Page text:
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India's Mega Vaccination Drive

Leading experts explain how supply chain dynamics are critical to achieving targets

India's Mega Vaccination Drive

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Even as India is ramping up its Covid-19 vaccination drive and every citizen above 50 years of age is expected to be eligible for vaccine administration in the coming months, overcoming supply chain hurdles remain the key to successful implementation of the ambitious programme. Leading experts representing the entire spectrum of healthcare and vaccines came together in a Business Today webinar on Supply Chain Dynamics in Indias Mega Vaccination to highlight challenges and suggest the way forward. India plans to innoculate 300-million people with coronavirus vaccines by July.

Dr Rana Mehta, Partner and Leader, Healthcare, PwC, initiated the discussion by stating that the discovery of Covid-19 vaccine and its effective inoculation pose entirely different challenges. The effective procurement, digitalisaiton and supplies are key to successful administration, which remains a work in progress. Dr Suresh Jadhav, Executive Director, Serum Institute of India, said the broad framework that India follows is that of the World Health Organization (WHO). The prioritisation of vaccine administration is the government's choice. While Western countries chose to inoculate the most vulnerable first, India chose to vaccinate its fronline healthworkers first. However, the country is racing against time to complete its first phase of vaccination drive as the stocks - 20 million supplied by Serum Institute of India alone - carries a six-month expiry date. "The government needs to use it within weeks and months before they expire. Of the 20-million doses supplied by Serum till date, Centre has administered just a little over two million shots so far. The company has a stock of another 50-60 million doses. It is also producing at a monthly average of 50-60 million, which will go up to 100 million a month by April", Dr Jadhav said.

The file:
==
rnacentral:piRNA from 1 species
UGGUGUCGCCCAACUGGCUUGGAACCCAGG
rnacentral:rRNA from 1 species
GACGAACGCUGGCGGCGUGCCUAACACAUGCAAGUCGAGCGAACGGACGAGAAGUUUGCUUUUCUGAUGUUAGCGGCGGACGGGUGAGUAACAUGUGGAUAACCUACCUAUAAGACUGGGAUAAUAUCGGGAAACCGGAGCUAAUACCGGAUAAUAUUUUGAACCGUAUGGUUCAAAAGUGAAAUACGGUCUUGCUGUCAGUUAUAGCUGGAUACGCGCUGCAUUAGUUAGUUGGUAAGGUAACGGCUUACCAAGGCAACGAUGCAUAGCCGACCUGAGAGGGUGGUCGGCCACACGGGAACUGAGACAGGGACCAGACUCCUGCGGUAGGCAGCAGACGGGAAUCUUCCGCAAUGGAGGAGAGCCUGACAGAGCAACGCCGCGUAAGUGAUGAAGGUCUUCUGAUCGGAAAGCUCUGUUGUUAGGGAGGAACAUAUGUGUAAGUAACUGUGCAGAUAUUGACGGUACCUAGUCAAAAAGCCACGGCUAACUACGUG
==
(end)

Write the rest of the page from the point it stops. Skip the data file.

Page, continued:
Serum, which was allowed to stockpile the vaccines since October-November 2020 even before getting the emergency use authorisation from the Drug Controller General of India (DCGI), has so far made about 100-million doses. Of this, 20 million has been given to India and 8 million were exported to other countries (like Bhutan, Maldives, Bangladesh, Nepal, Seychelles and Brazil). "These are costly vaccines and the government needs to quickly utilise the supplied stocks of about 18 million. We have sufficient stocks for India and if required can give additional quantities," says Dr Jadhav. He also said that stability studies are going on with positive results to increase the shelf life of the vaccine to nine months. "This can be achieved soon and with better stability data, eventually it can be increased to one or one-and-a-half years going forward," he adds.

Rajiv Nath, Managing Director, Hindustan Syringes & Medical Devices Ltd, said unlike vaccines, needles have a longer shelf life of about five years, but it is a challenge to make huge quantities of needles. Different new forms of vaccines are being developed like single dose and nasal sprays and droplets. Such vaccines require special syringes and delivery platforms which will require time to design and make them.

"Consumption needs to be ramped up to match at least production of vaccines, syringes and then start depletion of stockpiles of inventories by starting vaccination of 60-plus and essential services and products providers, including journalists in field and airline staff," added Nath.

Jack Muhs, President, Indian sub-continent, Middle East and Africa of Fedex Express, said the scale of vaccine supply has created many challenges like cold chain management, packaging, tracking supplies and last-mile delivery. "It has been a continuing exercise working with regulatory agencies, manufacturers and other stakeholders," he says.

PwC's Dr Mehta said the coronavirus pandemic saw the emergence of a new business model involving regulatory flexibility, collaborations among competitors and governments pre-purchasing vaccines etc and the learnings will be useful in future to handle such pandemics and even drug development.

Business Today editor Rajeev Dubey moderated the webinar.

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